Search

Police slammed for running ads in council ‘propaganda’ paper

PUBLISHED: 16:22 06 September 2012

The Metropolitan police have been criticised for advertising in a Town Hall weekly newspaper funded out of council tax which contravenes Government guidelines.

A formal protest has been sent to Communities & Local Government State Secretary Eric Pickles about Tower Hamlets council attempting to “squeeze the life out of the free press.”

The Tower Hamlets division of the Met Police, in partnership with the council, is criticised for no longer placing any advertising in the Docklands & East London Advertiser.

It places ads in the council’s East End Life instead, which is sent free through 90,000 letterboxes.

Tory Group opposition leader Peter Golds wants the practice stopped and has asked the Secretary of State to use the Parliamentary guidelines passed last year banning local authority “propaganda” being published more than four times a year.

“One method of the council’s operation is to squeeze the life out of the free press—leaving this increasingly bizarre propaganda sheet as the only local news outlet,” says Cllr Golds’ letter to Mr Pickles.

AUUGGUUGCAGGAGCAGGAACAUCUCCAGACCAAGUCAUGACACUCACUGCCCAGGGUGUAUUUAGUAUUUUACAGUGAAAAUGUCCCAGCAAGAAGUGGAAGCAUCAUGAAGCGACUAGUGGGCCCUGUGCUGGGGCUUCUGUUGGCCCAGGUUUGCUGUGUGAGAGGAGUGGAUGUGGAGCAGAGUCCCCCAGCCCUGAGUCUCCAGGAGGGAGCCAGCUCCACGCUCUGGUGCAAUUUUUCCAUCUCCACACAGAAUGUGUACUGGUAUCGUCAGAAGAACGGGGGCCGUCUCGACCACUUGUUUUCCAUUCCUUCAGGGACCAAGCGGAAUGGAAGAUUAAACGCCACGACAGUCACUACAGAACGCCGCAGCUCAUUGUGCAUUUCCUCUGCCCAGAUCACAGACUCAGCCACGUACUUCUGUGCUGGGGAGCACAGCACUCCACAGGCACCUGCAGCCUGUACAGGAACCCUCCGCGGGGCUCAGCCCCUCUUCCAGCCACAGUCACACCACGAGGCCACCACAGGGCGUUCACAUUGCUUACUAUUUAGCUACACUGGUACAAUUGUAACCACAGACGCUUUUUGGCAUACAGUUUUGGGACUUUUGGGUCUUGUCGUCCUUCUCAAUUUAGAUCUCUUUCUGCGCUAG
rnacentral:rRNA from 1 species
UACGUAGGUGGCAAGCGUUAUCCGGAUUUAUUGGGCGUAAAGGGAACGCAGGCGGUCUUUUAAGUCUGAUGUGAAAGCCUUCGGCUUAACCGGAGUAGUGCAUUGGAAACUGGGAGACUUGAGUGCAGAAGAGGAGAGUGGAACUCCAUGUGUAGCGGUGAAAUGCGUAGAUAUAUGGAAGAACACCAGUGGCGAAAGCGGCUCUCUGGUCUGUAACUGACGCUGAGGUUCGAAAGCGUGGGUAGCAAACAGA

“The independent local media exists by way of advertisements. The council simply does not place adverts in the Advertiser, our long-standing local paper.

“Far more disturbingly is that the police now concentrate all their local advertising on East End Life. This gives further credence to the ‘independence’ of East End Life.”

The last time the police placed any advertising in the Advertiser was in April, 2010, Cllr Golds points out.

“This continues despite Parliament having passed guidelines to limit propaganda published by a local authority,” his letter adds.

He accuses the Met Police of “giving credibility to something which Parliament has ruled should be closed down.”

Media critics such as the Guardian’s Roy Greenslade point to concerns about the “gradual elimination” of a newspaper that is able to hold the local authority to account, whereas East End Life is part of the council’s PR department which he says is “not publishing genuine journalism.”


If you value what this story gives you, please consider supporting the East London Advertiser. Click the link in the orange box above for details.

Become a supporter

This newspaper has been a central part of community life for many years. Our industry faces testing times, which is why we're asking for your support. Every contribution will help us continue to produce local journalism that makes a measurable difference to our community.

Latest from the East London Advertiser